Landfill Gas Header: Location and Benefits

January 13, 2020

SCS Advice From the Field Blog Series

 

Lessons learned from previously constructed gas collection and control systems teach solid waste professionals valuable lessons about designing for long-term survivability and reducing the maintenance cost of gas system components. The location impacts operating and maintenance costs for various components of gas collection and control systems such as condensate force main, condensate sumps,  force main for well liquids, air lines to pumps in gas wells, and gas headers long into the future. As often as possible, design the gas header in the landfill perimeter berm along with the condensate sumps. Landfill perimeter berms constructed in an engineered manner with well- compacted soils and a well-defined geometry provide a long-term cost-effective alternative to earlier designs outside the berm.

For many years, gas headers were designed and constructed outside of the landfill perimeter berm, on the landfill surface. Of course, landfill surface changes as waste elevation increases over time, resulting in many gas headers that now may be 30 feet or more below the current waste surface. Deeply buried gas headers are unreliable at best, and the operator loses access to them as soon as 20 feet of waste covers the header.

Collapsed gas headers buried deep in waste are an expensive challenge when operating a large number of gas wells connected to the gas header, and could cause serious compliance issues. Upon discovery of a collapsed buried gas header, installing a new header is a lengthy process with significant costs, not to mention the hurdles the operator will have to jump addressing noncompliance with their state agency.

The benefits of placing gas headers in the landfill perimeter are:

  • Constructing gas headers once without the need to be re-constructed again at a high cost
  • Constructing condensate sumps in line with the gas header in the landfill perimeter berm, provide technicians quick access for maintenance
  • Avoiding ground settlement around condensate sumps
  • Avoiding sagging of the gas header over time due to settlement
  • The slope of the gas header toward the condensate sumps in perimeter berms is much less than those on the landfill slope
  • There is little surcharge loading on the gas header, thereby no crushing of the pipe
  • The gas header is accessible for any additional connections if required in the future.

Since the condensate force main follows the gas header in the perimeter berm to flow to a tank or discharge point, there are additional maintenance benefits.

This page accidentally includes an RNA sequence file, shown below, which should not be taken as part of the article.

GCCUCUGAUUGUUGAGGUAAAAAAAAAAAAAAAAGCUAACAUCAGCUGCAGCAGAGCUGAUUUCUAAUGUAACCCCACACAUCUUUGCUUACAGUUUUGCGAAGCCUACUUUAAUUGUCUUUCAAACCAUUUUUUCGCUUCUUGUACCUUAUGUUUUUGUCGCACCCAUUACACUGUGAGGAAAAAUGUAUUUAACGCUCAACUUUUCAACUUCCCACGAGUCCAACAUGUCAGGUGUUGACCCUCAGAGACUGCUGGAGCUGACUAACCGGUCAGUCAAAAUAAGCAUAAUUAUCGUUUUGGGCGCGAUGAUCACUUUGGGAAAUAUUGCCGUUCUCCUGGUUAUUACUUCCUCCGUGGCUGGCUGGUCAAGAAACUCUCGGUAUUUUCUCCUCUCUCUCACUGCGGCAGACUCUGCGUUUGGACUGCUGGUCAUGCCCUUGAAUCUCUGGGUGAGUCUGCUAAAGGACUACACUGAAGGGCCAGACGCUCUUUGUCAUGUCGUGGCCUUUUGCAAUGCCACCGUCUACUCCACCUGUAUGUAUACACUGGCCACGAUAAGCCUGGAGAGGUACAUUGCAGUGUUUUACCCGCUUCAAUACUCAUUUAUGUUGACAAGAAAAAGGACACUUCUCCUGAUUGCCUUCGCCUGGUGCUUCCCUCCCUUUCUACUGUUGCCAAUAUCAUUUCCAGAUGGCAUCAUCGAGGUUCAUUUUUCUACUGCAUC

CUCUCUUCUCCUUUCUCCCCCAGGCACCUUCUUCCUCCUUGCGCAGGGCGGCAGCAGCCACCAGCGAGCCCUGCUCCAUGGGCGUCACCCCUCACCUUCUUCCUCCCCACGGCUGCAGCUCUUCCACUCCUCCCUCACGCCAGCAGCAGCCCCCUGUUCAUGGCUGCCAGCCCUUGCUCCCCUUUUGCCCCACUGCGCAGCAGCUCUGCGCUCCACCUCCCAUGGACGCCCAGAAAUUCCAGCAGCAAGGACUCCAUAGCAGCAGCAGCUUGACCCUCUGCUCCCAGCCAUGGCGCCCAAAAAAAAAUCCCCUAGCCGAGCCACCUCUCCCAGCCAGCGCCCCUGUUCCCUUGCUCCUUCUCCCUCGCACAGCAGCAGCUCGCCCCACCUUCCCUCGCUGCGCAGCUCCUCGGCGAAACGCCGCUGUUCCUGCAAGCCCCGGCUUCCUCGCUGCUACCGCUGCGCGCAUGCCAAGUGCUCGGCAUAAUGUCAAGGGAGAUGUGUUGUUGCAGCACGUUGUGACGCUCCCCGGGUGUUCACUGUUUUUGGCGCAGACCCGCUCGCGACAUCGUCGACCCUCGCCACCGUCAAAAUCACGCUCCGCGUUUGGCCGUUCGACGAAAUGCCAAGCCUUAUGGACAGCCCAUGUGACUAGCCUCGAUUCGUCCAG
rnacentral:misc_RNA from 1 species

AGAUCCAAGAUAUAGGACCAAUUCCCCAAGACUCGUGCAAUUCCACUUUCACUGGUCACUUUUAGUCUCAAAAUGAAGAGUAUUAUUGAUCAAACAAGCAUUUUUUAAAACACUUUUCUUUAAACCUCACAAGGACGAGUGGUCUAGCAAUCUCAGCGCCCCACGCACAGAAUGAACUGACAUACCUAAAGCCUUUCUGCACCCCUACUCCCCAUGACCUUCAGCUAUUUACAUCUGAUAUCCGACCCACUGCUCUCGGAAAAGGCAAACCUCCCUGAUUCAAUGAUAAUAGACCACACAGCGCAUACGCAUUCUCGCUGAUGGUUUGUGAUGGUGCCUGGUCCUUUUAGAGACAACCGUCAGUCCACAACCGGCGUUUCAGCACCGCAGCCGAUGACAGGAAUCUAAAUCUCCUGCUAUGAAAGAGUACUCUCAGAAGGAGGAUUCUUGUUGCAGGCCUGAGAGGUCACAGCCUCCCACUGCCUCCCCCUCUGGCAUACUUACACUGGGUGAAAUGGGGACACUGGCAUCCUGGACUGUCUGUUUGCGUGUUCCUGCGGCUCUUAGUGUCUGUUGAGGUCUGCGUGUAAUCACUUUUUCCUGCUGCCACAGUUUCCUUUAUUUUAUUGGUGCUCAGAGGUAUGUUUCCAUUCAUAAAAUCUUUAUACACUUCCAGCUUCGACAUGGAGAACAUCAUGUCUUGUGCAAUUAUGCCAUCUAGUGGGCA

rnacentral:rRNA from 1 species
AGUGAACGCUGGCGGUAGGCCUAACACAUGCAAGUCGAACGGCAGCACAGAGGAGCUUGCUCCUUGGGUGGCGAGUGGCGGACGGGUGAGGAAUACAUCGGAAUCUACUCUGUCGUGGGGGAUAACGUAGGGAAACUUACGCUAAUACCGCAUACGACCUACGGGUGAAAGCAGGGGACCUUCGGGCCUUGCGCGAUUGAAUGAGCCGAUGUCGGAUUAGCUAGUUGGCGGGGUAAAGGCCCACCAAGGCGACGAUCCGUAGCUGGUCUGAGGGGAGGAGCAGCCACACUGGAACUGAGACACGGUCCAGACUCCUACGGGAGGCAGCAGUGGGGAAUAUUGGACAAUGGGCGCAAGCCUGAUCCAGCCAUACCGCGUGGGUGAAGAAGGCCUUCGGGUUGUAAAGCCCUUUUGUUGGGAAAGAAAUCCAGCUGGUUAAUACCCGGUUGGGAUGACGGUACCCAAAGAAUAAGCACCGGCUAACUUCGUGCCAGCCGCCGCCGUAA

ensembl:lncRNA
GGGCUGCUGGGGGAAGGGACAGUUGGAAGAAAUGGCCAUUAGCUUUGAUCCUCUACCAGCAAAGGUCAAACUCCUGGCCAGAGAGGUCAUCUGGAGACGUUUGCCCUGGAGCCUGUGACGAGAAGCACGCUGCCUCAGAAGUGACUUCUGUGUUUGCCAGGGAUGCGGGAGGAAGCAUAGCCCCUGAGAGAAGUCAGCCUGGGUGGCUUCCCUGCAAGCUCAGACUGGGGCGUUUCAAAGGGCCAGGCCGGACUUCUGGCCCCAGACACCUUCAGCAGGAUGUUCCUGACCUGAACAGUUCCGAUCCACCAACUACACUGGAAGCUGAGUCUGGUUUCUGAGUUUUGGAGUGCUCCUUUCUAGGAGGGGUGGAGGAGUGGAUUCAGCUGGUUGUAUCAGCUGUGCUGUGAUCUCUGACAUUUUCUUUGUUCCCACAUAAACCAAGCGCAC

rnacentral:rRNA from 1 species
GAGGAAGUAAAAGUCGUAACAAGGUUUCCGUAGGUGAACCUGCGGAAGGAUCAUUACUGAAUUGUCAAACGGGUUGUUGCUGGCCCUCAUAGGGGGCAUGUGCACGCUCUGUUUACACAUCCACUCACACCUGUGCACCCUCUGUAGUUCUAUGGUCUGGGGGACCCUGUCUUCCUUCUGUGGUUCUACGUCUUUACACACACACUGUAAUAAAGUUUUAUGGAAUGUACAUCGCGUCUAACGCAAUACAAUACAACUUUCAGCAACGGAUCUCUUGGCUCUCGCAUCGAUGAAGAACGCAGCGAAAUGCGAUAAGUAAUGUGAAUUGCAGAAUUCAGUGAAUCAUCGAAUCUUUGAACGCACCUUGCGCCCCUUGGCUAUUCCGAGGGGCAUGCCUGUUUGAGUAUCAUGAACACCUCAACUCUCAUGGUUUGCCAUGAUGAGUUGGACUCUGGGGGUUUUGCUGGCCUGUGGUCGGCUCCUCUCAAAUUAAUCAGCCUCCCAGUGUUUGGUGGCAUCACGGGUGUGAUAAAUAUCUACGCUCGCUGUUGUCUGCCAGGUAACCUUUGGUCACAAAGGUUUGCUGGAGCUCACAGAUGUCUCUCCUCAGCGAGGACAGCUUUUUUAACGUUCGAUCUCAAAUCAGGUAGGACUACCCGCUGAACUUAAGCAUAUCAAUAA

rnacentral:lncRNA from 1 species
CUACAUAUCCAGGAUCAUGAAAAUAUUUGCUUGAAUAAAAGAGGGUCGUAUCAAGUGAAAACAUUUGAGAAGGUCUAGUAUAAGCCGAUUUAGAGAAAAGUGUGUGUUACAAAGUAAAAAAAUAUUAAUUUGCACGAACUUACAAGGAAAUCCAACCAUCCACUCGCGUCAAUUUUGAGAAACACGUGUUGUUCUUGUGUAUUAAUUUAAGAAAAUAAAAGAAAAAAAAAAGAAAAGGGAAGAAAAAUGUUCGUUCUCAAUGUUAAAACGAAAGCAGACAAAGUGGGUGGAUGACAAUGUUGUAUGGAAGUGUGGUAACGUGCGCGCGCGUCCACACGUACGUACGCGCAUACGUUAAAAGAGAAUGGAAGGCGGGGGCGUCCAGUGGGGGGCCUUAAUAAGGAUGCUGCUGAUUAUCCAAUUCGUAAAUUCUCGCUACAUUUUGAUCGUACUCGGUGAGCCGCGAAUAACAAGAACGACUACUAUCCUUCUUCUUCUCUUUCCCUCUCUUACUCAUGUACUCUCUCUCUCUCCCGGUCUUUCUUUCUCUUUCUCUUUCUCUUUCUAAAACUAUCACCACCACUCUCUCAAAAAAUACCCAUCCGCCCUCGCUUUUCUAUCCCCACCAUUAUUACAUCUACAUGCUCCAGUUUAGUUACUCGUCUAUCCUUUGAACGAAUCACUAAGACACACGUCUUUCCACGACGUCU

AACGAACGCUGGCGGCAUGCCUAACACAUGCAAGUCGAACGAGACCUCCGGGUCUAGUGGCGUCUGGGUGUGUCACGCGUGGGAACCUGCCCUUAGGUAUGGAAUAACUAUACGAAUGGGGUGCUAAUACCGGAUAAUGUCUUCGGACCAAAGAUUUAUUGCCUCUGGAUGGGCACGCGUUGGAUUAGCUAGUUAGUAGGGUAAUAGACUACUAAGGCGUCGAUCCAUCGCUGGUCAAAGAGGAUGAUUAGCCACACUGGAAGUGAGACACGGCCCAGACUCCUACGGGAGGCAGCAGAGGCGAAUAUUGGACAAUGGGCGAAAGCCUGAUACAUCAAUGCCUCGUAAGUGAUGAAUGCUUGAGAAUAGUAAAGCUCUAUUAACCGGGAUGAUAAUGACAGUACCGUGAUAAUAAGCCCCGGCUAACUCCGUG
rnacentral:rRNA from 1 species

• Electrical lines to electric pumps or compressed air lines to air pumps in condensate sumps are located in the landfill perimeter berm
  • Cleanouts to the condensate force main are built along the perimeter berm and accessible for maintenance
  • Flow meters, air release valves, and sampling points on the condensate force main are constructed at necessary spots along the landfill perimeter berm and easily accessible to technicians
  • Stub outs on the gas header are constructed at locations specified in the design plans along the landfill perimeter berm for connecting the gas header to vacuum lines extending up the landfill slope
  • Compressed air lines to air pumps in gas wells are constructed in the landfill perimeter berm with stub outs for extensions on to the landfill slopes and to the wells.

By continuing to design gas header construction on landfill slopes, all of the components end up on the landfill slope as well. You can imagine what type of complications the landfill operator will face since all of these components are in areas vulnerable to erosion, settlement, future filling or future construction. Additionally, any maintenance requiring digging and re-piping necessitates placing equipment on the landfill slope and disturbing the landfill slope surface for an extended period.

 

For more information about these benefits and more, please refer to the MSW Magazine article series Considerations for the Piping Network, the author, or contact SCS Engineers at service@scsengineers.com.

 



About the Author:  Ali Khatami, Ph.D., PE, LEP, CGC, is a Project Director and a Vice President of SCS Engineers. He is also our National Expert for Landfill Design and Construction Quality Assurance. He has nearly 40 years of research and professional experience in mechanical, structural, and civil engineering.

Learn more at Landfill Engineering

 

 

 

 

Posted by Diane Samuels at 6:03 am
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